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NEARLY half of children are expected to be living in families forced to “make sacrifices on essentials” by the start of the new financial year, new research revealed today.
The New Economics Foundation (NEF) estimated that 23.4 million people will be short of funds to meet the “acceptable standard of living” by an average of £8,600 per year.
This represents more than a third of the population, the think tank said, and means that 48 per cent of children will be part of households “unable to provide them a decent standard of living.”
The figure rises to 77 per cent for children in single-parent households, and 96 per cent for those in families out of work.
Labour said it was “shameful” that “so many children are now growing up in poverty and insecurity under the Tories.”
Shadow work and pensions secretary Jonathan Ashworth said: “Twelve years of Tory economic mismanagement have given us surging inflation, rocketing heating bills, punishing tax rises and two huge cuts to universal credit within six months.”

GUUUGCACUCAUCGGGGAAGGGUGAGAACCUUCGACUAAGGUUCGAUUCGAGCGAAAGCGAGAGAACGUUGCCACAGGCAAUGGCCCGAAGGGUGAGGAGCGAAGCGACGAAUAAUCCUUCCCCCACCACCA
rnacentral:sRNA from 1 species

NEF economist Sam Tims said that “there is little time left for the Chancellor to take action to avert the worst real-terms incomes squeeze in 50 years.”
He said: “The cost of living is increasing faster than at any point in recent history. While all families are set to feel a squeeze come April, the lowest-income households will be hit proportionately harder.”
The Resolution Foundation has also published new research suggesting that the prolonged conflict in Ukraine could see a second inflation spike this autumn, reaching more than 10 per cent for the poorest households.
Chancellor Rishi Sunak is heading towards his spring statement with “good news on the public finances but terrible news on the family finances,” the think tank said.
It suggested that Mr Sunak should “revisit the uprating of benefits this April.”
A Treasury spokesman said: “We know people are concerned about the cost of living, but we are already providing support worth over £20 billion this financial year and next, including targeted support for energy bills, cutting the universal credit taper rate to help those on low incomes keep more of what they earn and freezes to alcohol and fuel duties to keep costs down.”
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